Care4Rare Canada: Harnessing multi-omics to deliver innovative diagnostic care for rare genetic diseases in Canada (C4R-SOLVE)

“For many patients with a rare disease, diagnosis is a years-long odyssey involving visits to multiple specialists, invasive testing and fruitless or missed treatments. The C4R-Solve Project will increase access to state-of-the-art genomic and other innovative ‘omics’ testing, giving patients and families with rare diseases long-awaited answers and helping doctors provide the best possible care.” – Dr. Clara van Karnebeek, Investigator, BC Children's; Principal Investigator, Centre for Molecular Medicine and Therapeutics; Affiliate Associate Professor, Department of Pediatrics, UBC.

Over one million Canadians suffer from a rare disease and in one-third of these cases, the underlying genetic cause of the illness remains unknown.  The C4R-Solve Project will increase access to state-of-the-art genomic sequencing and other “omics” technologies, which explore how the different molecules that make up cells operate and interact. Through these efforts, the C4R-Solve Project will speed diagnosis for Canadians with suspected rare genetic diseases and save patients from unnecessary tests and ineffective treatments. The C4R-SOLVE team will work with provincial ministries of health to integrate genomic sequencing into the clinical care of patients with rare disease and build infrastructure and tools to improve rare disease diagnosis and advance the understanding of the underlying mechanisms of these conditions worldwide. C4R-Solve will more than double the capacity to diagnose rare diseases in Canada, improving care for patients by tailoring management to their underlying condition, providing new insights into rare conditions and saving at least $28-million a year in unnecessary health care spending.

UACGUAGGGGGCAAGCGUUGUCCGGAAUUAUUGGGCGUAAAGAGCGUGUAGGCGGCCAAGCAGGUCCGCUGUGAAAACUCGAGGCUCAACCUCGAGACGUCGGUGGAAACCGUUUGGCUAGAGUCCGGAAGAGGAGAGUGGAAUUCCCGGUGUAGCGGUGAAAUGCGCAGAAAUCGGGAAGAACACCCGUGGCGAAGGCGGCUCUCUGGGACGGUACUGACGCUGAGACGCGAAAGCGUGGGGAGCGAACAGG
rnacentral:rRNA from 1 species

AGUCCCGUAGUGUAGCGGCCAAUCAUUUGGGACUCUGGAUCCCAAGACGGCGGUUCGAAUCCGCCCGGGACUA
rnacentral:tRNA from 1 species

Dr. van Karnebeek is the lead for this project in British Columbia along with Dr. Anna Lehman, BC Children’s Hospital and UBC, and Dr. Sara Mostafavi, BC Children’s Hospital and UBC. Dr. Kym Boycott, Children’s Hospital of Eastern Ontario (CHEO) and University of Ottawa, leads this national project along with Dr. Michael Brudno, SickKids Research Institute and University of Toronto, and Dr. François Bernier, Alberta Children’s Hospital and University of Alberta. This project is based at CHEO. 

PEGASUS-2: Personalized Genomics for Prenatal Abnormalities Screening Using Maternal Blood: Towards first tier screening and beyond

“Families in Canada should have access to state-of-the-art technology, which allows them to get safer, more reliable results about certain genetic disorders earlier in pregnancy. That’s the goal of the PEGASUS-2 project; I’m working with researchers across Canada to make publicly funded non-invasive prenatal screening an option for all pregnant women.” – Dr. Sylvie Langlois, Investigator, BC Children's; Clinical Geneticist, BC Children’s, BC Women’s; Professor, Department of Medical Genetics, UBC and Medical Director, BC Prenatal Genetic Screening Program.

Non-invasive prenatal screening (NIPS) can accurately detect Down syndrome and other chromosomal abnormalities in the first trimester of pregnancy with a simple blood test. Because of its relatively high cost, NIPS is currently only used on mothers who have already tested positive on a less expensive and less accurate test. The goal of the PEGASUS-2 project is to support the use of NIPS as a first-tier test, giving expectant families publicly-funded access to more accurate screening results, earlier in pregnancy. PEGASUS-2 will:

  • Compare the use of NIPS as a first-tier and second-tier test in a large cohort of pregnant women
  • Study the cost effectiveness and ethical, social and legal implications of expanding NIPs screening to conditions other than Down syndrome
  • Provide strategies to promote shared decision-making between couples and health care professionals
  • Further develop the NIPS technology to reduce its costs by 50 per cent and expand its ability to detect other anomalies, as well as ensuring quality control for clinical NIPS testing in Canada and worldwide
Dr. Langlois leads the project with co-lead Dr. François Rousseau, Université Laval. This project is based at Université Laval.